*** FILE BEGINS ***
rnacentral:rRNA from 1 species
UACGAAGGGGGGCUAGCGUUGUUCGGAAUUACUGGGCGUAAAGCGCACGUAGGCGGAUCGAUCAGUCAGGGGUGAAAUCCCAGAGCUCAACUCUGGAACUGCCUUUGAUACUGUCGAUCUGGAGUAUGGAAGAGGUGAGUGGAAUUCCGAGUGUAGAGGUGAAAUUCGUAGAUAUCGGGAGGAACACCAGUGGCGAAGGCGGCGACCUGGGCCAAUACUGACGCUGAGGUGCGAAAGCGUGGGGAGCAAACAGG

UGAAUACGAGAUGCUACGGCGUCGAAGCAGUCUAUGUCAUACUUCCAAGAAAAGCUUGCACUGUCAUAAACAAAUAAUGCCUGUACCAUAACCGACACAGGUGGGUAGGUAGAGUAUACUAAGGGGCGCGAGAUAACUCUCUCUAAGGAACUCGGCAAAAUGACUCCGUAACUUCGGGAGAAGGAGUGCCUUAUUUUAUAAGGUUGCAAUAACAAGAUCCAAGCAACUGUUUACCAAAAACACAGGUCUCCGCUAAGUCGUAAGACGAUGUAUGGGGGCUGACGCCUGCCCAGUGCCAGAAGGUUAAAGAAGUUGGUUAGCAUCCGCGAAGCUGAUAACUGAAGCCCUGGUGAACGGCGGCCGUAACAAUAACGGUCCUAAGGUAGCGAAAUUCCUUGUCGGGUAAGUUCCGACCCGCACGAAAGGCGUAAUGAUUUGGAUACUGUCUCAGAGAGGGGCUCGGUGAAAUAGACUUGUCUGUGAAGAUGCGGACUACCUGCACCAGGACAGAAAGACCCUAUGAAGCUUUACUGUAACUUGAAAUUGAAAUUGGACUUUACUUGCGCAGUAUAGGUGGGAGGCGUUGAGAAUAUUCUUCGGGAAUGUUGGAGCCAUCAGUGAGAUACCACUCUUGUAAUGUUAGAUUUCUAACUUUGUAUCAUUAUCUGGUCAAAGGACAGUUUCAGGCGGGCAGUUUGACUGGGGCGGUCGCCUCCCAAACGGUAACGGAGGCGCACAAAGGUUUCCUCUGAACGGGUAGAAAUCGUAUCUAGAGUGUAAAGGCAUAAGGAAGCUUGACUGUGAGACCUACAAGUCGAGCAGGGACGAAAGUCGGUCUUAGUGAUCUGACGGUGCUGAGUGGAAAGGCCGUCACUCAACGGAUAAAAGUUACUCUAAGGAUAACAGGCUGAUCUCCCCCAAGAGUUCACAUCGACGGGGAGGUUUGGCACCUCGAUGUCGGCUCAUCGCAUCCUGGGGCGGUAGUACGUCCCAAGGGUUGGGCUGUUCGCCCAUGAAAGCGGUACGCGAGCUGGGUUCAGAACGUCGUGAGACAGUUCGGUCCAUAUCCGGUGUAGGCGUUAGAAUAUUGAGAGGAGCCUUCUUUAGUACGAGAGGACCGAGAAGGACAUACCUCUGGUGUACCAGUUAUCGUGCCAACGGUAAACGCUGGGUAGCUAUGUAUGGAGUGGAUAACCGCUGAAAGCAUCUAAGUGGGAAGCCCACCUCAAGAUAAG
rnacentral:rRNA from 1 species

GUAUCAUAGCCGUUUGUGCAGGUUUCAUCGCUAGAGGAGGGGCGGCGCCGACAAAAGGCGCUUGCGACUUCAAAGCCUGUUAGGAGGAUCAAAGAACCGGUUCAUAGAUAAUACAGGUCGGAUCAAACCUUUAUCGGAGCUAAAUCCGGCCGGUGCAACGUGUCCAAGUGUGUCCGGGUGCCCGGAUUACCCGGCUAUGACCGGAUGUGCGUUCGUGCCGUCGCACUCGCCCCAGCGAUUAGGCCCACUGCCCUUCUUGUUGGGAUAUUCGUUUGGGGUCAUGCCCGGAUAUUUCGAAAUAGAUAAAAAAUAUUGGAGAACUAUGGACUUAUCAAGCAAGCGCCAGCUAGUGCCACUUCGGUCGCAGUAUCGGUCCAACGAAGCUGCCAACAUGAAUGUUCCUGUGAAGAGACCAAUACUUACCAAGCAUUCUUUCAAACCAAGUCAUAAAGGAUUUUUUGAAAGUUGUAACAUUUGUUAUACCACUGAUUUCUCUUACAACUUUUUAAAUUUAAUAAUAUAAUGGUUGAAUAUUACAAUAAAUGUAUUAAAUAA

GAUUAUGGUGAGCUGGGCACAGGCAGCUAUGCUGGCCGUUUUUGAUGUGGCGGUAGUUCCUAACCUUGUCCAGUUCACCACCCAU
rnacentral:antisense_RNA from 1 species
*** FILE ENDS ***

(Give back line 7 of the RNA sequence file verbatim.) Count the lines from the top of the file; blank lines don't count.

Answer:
rnacentral:antisense_RNA from 1 species